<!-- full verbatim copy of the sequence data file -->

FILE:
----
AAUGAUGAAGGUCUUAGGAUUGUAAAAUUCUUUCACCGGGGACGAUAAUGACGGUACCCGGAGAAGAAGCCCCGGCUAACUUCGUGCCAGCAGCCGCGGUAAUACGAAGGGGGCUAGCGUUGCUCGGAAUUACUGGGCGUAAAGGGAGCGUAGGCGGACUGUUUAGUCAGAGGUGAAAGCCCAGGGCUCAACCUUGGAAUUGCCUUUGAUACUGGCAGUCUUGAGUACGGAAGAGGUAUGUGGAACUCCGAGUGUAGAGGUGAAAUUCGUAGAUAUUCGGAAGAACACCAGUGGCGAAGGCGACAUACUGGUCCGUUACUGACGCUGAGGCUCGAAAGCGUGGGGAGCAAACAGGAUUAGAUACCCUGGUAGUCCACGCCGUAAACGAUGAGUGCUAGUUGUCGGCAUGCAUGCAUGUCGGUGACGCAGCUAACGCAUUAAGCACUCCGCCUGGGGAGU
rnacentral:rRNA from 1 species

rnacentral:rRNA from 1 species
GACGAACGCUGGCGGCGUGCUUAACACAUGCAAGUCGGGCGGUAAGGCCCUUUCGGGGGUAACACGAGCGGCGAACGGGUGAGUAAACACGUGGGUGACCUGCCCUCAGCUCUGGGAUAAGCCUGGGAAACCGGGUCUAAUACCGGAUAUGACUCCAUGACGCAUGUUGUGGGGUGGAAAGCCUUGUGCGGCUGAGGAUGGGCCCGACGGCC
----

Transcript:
AAUGAUGAAGGUCUUAGGAUUGUAAAAUUCUUUCACCGGGGACGAUAAUGACGGUACCCGGAGAAGAAGCCCCGGCUAACUUCGUGCCAGCAGCCGCGGUAAUACGAAGGGGGCUAGCGUUGCUCGGAAUUACUGGGCGUAAAGGGAGCGUAGGCGGACUGUUUAGUCAGAGGUGAAAGCCCAGGGCUCAACCUUGGAAUUGCCUUUGAUACUGGCAGUCUUGAGUACGGAAGAGGUAUGUGGAACUCCGAGUGUAGAGGUGAAAUUCGUAGAUAUUCGGAAGAACACCAGUGGCGAAGGCGACAUACUGGUCCGUUACUGACGCUGAGGCUCGAAAGCGUGGGGAGCAAACAGGAUUAGAUACCCUGGUAGUCCACGCCGUAAACGAUGAGUGCUAGUUGUCGGCAUGCAUGCAUGUCGGUGACGCAGCUAACGCAUUAAGCACUCCGCCUGGGGAGU
rnacentral:rRNA from 1 species

rnacentral:rRNA from 1 species
GACGAACGCUGGCGGCGUGCUUAACACAUGCAAGUCGGGCGGUAAGGCCCUUUCGGGGGUAACACGAGCGGCGAACGGGUGAGUAAACACGUGGGUGACCUGCCCUCAGCUCUGGGAUAAGCCUGGGAAACCGGGUCUAAUACCGGAUAUGACUCCAUGACGCAUGUUGUGGGGUGGAAAGCCUUGUGCGGCUGAGGAUGGGCCCGACGGCC